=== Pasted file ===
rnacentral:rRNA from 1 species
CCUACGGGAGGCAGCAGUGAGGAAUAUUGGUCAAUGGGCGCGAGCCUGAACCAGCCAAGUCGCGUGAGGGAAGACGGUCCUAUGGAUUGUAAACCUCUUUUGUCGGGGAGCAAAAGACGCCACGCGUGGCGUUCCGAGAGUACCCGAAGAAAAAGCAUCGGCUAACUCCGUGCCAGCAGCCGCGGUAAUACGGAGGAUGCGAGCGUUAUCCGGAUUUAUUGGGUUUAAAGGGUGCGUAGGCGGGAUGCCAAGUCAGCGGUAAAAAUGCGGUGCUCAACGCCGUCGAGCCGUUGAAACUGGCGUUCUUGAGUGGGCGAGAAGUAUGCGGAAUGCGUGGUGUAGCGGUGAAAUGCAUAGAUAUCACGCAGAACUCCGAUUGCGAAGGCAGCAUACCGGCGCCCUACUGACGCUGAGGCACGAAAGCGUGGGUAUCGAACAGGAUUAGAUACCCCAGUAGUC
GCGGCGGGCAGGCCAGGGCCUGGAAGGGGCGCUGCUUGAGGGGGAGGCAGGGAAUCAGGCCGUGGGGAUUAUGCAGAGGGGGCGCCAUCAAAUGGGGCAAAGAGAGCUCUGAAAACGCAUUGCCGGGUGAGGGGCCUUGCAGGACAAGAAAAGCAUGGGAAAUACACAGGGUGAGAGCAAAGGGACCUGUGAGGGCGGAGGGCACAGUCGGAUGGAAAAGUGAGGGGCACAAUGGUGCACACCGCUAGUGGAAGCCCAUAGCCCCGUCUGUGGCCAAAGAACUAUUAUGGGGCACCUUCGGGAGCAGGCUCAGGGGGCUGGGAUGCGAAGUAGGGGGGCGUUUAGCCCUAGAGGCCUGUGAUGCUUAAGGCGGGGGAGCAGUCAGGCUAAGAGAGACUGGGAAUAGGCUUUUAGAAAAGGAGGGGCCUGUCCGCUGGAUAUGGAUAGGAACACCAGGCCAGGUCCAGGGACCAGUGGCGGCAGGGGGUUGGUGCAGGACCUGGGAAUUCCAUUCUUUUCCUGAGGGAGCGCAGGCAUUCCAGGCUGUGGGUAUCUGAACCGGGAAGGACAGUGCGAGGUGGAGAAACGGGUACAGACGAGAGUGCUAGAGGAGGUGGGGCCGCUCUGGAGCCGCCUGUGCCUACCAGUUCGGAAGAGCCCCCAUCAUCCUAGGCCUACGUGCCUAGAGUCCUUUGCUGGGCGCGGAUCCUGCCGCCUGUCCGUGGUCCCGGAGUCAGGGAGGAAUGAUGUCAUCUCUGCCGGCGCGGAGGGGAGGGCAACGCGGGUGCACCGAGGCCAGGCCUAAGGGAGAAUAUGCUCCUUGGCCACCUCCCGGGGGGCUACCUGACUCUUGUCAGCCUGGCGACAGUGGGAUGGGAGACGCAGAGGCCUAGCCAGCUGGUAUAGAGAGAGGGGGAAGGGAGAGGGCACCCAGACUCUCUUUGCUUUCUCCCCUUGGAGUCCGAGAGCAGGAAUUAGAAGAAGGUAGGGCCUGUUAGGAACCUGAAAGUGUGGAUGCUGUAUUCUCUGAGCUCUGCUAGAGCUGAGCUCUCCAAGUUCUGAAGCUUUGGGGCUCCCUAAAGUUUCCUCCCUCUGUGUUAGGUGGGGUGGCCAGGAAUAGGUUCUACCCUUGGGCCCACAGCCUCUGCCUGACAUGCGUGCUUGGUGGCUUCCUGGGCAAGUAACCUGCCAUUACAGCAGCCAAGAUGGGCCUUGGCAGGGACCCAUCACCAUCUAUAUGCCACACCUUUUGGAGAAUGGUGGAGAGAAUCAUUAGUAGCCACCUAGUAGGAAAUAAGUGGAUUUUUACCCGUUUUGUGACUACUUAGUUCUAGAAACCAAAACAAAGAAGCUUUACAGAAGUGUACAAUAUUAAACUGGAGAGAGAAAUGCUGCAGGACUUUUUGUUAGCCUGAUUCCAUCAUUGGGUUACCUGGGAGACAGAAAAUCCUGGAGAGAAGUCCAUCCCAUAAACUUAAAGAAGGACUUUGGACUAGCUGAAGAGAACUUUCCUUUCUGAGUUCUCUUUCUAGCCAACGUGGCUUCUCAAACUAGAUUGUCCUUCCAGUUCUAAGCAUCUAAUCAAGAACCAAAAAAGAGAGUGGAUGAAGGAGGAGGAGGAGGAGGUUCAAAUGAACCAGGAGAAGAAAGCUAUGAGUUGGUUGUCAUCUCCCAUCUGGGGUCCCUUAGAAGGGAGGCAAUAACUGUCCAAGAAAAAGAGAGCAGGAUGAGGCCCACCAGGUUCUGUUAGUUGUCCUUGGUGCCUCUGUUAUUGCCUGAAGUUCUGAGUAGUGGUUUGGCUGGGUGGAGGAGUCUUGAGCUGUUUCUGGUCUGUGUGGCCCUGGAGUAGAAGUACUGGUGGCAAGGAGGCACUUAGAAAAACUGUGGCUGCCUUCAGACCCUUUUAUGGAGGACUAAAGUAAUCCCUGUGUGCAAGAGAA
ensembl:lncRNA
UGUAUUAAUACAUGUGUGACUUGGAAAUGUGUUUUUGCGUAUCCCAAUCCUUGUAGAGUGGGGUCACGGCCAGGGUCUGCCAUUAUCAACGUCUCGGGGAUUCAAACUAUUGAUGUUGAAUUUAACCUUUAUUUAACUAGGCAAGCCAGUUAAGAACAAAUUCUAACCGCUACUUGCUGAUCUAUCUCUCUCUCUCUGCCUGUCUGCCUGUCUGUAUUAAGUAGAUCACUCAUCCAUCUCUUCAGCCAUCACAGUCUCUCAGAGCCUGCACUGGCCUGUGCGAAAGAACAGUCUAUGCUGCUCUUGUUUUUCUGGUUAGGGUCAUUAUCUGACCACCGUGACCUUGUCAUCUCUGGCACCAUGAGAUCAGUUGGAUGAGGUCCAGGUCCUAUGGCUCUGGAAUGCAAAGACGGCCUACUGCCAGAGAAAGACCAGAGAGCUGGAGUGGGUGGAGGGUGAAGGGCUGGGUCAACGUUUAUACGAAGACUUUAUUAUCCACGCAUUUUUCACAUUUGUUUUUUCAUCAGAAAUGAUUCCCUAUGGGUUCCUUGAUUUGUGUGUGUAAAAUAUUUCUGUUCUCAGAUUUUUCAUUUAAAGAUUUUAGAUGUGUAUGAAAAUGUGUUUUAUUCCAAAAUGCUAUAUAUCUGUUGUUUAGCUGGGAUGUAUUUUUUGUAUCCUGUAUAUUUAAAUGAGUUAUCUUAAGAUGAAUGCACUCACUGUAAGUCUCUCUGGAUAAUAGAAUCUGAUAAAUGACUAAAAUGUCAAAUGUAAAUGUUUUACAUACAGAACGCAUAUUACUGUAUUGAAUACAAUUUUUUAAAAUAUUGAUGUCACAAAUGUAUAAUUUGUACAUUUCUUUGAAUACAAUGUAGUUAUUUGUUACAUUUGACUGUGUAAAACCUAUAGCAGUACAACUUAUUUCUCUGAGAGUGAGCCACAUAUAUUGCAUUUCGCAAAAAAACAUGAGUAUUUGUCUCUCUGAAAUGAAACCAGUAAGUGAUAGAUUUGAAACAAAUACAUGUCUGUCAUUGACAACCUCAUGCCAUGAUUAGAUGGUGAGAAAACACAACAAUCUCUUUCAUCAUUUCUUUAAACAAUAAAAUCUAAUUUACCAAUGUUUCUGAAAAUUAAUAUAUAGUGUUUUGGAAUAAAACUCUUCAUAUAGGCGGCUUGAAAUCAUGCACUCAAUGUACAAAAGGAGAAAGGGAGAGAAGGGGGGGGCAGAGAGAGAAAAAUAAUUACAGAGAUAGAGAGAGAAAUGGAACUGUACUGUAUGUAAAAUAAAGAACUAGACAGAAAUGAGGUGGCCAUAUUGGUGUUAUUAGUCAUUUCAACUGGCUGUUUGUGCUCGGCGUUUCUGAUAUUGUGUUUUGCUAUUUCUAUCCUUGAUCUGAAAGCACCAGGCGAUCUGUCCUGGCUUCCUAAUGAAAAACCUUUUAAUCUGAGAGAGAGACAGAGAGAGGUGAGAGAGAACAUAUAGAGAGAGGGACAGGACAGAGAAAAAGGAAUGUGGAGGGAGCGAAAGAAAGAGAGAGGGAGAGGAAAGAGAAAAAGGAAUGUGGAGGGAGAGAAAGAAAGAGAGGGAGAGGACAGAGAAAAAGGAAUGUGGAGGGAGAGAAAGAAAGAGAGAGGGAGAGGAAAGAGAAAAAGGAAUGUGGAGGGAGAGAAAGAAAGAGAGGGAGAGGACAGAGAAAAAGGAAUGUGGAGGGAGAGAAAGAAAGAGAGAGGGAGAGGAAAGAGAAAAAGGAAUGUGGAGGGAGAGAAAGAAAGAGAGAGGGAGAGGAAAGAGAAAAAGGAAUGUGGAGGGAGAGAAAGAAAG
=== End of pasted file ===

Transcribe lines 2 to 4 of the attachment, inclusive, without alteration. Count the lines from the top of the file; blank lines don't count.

CCUACGGGAGGCAGCAGUGAGGAAUAUUGGUCAAUGGGCGCGAGCCUGAACCAGCCAAGUCGCGUGAGGGAAGACGGUCCUAUGGAUUGUAAACCUCUUUUGUCGGGGAGCAAAAGACGCCACGCGUGGCGUUCCGAGAGUACCCGAAGAAAAAGCAUCGGCUAACUCCGUGCCAGCAGCCGCGGUAAUACGGAGGAUGCGAGCGUUAUCCGGAUUUAUUGGGUUUAAAGGGUGCGUAGGCGGGAUGCCAAGUCAGCGGUAAAAAUGCGGUGCUCAACGCCGUCGAGCCGUUGAAACUGGCGUUCUUGAGUGGGCGAGAAGUAUGCGGAAUGCGUGGUGUAGCGGUGAAAUGCAUAGAUAUCACGCAGAACUCCGAUUGCGAAGGCAGCAUACCGGCGCCCUACUGACGCUGAGGCACGAAAGCGUGGGUAUCGAACAGGAUUAGAUACCCCAGUAGUC
GCGGCGGGCAGGCCAGGGCCUGGAAGGGGCGCUGCUUGAGGGGGAGGCAGGGAAUCAGGCCGUGGGGAUUAUGCAGAGGGGGCGCCAUCAAAUGGGGCAAAGAGAGCUCUGAAAACGCAUUGCCGGGUGAGGGGCCUUGCAGGACAAGAAAAGCAUGGGAAAUACACAGGGUGAGAGCAAAGGGACCUGUGAGGGCGGAGGGCACAGUCGGAUGGAAAAGUGAGGGGCACAAUGGUGCACACCGCUAGUGGAAGCCCAUAGCCCCGUCUGUGGCCAAAGAACUAUUAUGGGGCACCUUCGGGAGCAGGCUCAGGGGGCUGGGAUGCGAAGUAGGGGGGCGUUUAGCCCUAGAGGCCUGUGAUGCUUAAGGCGGGGGAGCAGUCAGGCUAAGAGAGACUGGGAAUAGGCUUUUAGAAAAGGAGGGGCCUGUCCGCUGGAUAUGGAUAGGAACACCAGGCCAGGUCCAGGGACCAGUGGCGGCAGGGGGUUGGUGCAGGACCUGGGAAUUCCAUUCUUUUCCUGAGGGAGCGCAGGCAUUCCAGGCUGUGGGUAUCUGAACCGGGAAGGACAGUGCGAGGUGGAGAAACGGGUACAGACGAGAGUGCUAGAGGAGGUGGGGCCGCUCUGGAGCCGCCUGUGCCUACCAGUUCGGAAGAGCCCCCAUCAUCCUAGGCCUACGUGCCUAGAGUCCUUUGCUGGGCGCGGAUCCUGCCGCCUGUCCGUGGUCCCGGAGUCAGGGAGGAAUGAUGUCAUCUCUGCCGGCGCGGAGGGGAGGGCAACGCGGGUGCACCGAGGCCAGGCCUAAGGGAGAAUAUGCUCCUUGGCCACCUCCCGGGGGGCUACCUGACUCUUGUCAGCCUGGCGACAGUGGGAUGGGAGACGCAGAGGCCUAGCCAGCUGGUAUAGAGAGAGGGGGAAGGGAGAGGGCACCCAGACUCUCUUUGCUUUCUCCCCUUGGAGUCCGAGAGCAGGAAUUAGAAGAAGGUAGGGCCUGUUAGGAACCUGAAAGUGUGGAUGCUGUAUUCUCUGAGCUCUGCUAGAGCUGAGCUCUCCAAGUUCUGAAGCUUUGGGGCUCCCUAAAGUUUCCUCCCUCUGUGUUAGGUGGGGUGGCCAGGAAUAGGUUCUACCCUUGGGCCCACAGCCUCUGCCUGACAUGCGUGCUUGGUGGCUUCCUGGGCAAGUAACCUGCCAUUACAGCAGCCAAGAUGGGCCUUGGCAGGGACCCAUCACCAUCUAUAUGCCACACCUUUUGGAGAAUGGUGGAGAGAAUCAUUAGUAGCCACCUAGUAGGAAAUAAGUGGAUUUUUACCCGUUUUGUGACUACUUAGUUCUAGAAACCAAAACAAAGAAGCUUUACAGAAGUGUACAAUAUUAAACUGGAGAGAGAAAUGCUGCAGGACUUUUUGUUAGCCUGAUUCCAUCAUUGGGUUACCUGGGAGACAGAAAAUCCUGGAGAGAAGUCCAUCCCAUAAACUUAAAGAAGGACUUUGGACUAGCUGAAGAGAACUUUCCUUUCUGAGUUCUCUUUCUAGCCAACGUGGCUUCUCAAACUAGAUUGUCCUUCCAGUUCUAAGCAUCUAAUCAAGAACCAAAAAAGAGAGUGGAUGAAGGAGGAGGAGGAGGAGGUUCAAAUGAACCAGGAGAAGAAAGCUAUGAGUUGGUUGUCAUCUCCCAUCUGGGGUCCCUUAGAAGGGAGGCAAUAACUGUCCAAGAAAAAGAGAGCAGGAUGAGGCCCACCAGGUUCUGUUAGUUGUCCUUGGUGCCUCUGUUAUUGCCUGAAGUUCUGAGUAGUGGUUUGGCUGGGUGGAGGAGUCUUGAGCUGUUUCUGGUCUGUGUGGCCCUGGAGUAGAAGUACUGGUGGCAAGGAGGCACUUAGAAAAACUGUGGCUGCCUUCAGACCCUUUUAUGGAGGACUAAAGUAAUCCCUGUGUGCAAGAGAA
ensembl:lncRNA